Back in November, I had the privilege of attending a series of lectures given by Phyllis Tickle who describes the current reformation that the church is experiencing as part of a cultural phenomenon that happens about every 500 years, which she calls “The Great Emergence”. When asked what skills religious leaders will need to navigate the information age, Tickle insisted that the best advice we could give to anyone considering a religious vocation was that they should study physics. Inwardly I groaned, remembering my feeble attempts to come to grips with the most rudimentary theories of quantum physics. But I also nodded in agreement, knowing that so many of our religious narratives strive to make meaning of the cosmos as it was perceived by ancient minds. When our ancestors looked into the heavens they had no way of knowing the wonders of the cosmos that we are beginning to discover. While physicists can ignore theology, theologians who ignore physics will find themselves stuck atop Job’s dung-heap impotently shaking their fists at the Divine. Perhaps Tickle is correct and the clerics of the future will out of necessity need to be physicists. Theoretical physicist Michio Kaku speculates that the universe is “a symphony of strings” and the “mind of God would be cosmic music resonating through eleven dimensional hyper-space”. If you have the courage to climb down from the dung-heap, take a look at Michio Kaku’s “The Universe in a Nutshell”. If the Divine bollocking that Job endured makes you wonder if ignorance might just be bliss, then take a peek at “Is God a Mathematician?” or “The Mind of God”. Who knows, maybe if a few more of us dare to dwell in the questions we might just come up with imaginative narratives to help us fathom what it means to be human.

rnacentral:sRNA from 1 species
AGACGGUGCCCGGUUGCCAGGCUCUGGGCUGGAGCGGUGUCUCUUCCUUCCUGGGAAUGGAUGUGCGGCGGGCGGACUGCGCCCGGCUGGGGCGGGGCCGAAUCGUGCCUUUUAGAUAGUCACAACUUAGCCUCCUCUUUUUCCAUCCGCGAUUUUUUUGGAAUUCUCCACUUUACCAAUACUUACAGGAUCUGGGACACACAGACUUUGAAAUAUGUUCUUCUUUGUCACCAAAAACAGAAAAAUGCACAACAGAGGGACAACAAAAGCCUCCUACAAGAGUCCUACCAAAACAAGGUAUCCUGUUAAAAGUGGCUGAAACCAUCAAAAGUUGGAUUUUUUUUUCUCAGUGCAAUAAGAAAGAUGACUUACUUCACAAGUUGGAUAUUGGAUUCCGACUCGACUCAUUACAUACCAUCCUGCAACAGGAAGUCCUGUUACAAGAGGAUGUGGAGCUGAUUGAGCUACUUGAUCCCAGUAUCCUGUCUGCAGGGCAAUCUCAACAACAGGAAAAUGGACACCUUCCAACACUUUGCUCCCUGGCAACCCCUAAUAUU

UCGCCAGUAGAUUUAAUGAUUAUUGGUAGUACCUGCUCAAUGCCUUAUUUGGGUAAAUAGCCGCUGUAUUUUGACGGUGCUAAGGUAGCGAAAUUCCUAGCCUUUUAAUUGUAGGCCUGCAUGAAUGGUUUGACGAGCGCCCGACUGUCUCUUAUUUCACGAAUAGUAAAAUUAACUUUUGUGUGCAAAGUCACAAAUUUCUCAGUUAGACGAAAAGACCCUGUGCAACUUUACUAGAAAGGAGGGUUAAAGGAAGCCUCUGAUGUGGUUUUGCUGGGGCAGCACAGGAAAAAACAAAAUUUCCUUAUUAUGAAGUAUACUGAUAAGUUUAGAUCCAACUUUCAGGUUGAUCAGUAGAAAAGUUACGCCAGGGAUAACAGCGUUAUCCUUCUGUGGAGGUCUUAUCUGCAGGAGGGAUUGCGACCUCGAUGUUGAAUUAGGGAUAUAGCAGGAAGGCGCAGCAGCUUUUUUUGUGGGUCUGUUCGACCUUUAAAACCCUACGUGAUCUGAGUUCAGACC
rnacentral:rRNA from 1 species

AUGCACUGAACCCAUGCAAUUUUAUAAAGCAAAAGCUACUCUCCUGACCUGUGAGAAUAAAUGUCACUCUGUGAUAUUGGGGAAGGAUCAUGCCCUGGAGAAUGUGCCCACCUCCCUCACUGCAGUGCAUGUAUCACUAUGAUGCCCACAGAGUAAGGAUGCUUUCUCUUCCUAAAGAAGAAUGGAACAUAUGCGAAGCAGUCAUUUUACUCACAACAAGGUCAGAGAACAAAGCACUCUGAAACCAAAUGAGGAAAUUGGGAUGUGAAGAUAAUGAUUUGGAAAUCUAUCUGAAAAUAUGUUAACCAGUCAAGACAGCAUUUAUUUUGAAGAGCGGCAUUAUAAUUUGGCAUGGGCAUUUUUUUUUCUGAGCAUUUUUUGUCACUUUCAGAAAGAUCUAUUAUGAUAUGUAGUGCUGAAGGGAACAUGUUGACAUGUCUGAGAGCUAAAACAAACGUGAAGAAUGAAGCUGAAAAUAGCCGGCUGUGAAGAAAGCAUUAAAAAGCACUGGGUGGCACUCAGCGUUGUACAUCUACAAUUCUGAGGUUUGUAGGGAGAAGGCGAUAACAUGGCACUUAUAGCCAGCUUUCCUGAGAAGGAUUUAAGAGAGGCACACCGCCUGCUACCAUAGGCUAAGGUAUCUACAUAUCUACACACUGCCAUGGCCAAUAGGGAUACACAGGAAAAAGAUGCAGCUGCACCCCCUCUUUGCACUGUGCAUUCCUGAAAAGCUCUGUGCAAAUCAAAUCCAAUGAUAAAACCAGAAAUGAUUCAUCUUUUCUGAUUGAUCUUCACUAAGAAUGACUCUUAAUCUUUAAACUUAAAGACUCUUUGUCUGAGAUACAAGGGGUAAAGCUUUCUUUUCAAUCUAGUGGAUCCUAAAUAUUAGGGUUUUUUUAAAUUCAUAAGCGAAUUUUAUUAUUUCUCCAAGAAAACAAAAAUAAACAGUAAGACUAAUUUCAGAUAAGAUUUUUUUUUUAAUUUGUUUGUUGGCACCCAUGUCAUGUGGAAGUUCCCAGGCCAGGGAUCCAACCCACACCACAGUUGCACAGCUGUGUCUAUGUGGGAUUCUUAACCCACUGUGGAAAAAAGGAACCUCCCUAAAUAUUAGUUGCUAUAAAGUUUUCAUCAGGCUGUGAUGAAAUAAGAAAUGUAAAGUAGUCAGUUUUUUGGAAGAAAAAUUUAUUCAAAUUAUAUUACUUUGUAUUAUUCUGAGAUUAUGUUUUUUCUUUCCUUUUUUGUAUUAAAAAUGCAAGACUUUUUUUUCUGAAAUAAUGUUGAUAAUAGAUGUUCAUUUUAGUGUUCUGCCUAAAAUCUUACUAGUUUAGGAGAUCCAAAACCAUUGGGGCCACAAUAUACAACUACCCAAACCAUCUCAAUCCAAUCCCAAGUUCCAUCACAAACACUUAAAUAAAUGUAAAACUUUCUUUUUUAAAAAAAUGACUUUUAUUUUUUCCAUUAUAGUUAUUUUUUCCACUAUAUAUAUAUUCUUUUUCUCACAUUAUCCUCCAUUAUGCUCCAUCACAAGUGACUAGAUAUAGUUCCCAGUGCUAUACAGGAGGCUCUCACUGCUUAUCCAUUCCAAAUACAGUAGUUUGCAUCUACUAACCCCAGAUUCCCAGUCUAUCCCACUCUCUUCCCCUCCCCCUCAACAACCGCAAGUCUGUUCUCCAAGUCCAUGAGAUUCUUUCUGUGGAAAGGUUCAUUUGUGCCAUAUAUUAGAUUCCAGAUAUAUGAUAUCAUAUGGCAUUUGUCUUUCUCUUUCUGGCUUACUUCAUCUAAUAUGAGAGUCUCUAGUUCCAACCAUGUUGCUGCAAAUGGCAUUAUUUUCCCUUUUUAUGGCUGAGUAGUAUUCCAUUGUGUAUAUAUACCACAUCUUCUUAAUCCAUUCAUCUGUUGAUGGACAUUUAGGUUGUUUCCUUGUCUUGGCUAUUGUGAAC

Having worked our way through the Living the Questions 2 and Saving Jesus dvd series, our Adult Education Class is using the book: Living the Questions: The Wisdom of Progressive Christianity as a frame for our review of progressive Christian theology. Each week I will post the video clips that were used during the class. This week’s class consisted of an introduction as well as an exploration of what it means to move beyond definitions of the Divine toward the reality of unknowing.
“We must get away from this theistic supernatural God that imperils our humanity and come back to a God who permeates life so deeply that our humanity becomes the very means through which we experience the Divine Presence.” John Shelby Spong
I made the mistake of watching the evening news. Sometimes the actions of our sisters and brothers make it difficult to give thanks for our life together on the amazing spinning ball. Music serves as an incredible antidote for our stupidity. When you combine music with the beauty of the earth it is sweet medicine that reminds us that we are indeed miracles! Enjoy!
Nahko Bear (Medicine for the People) Aloha Ke Akua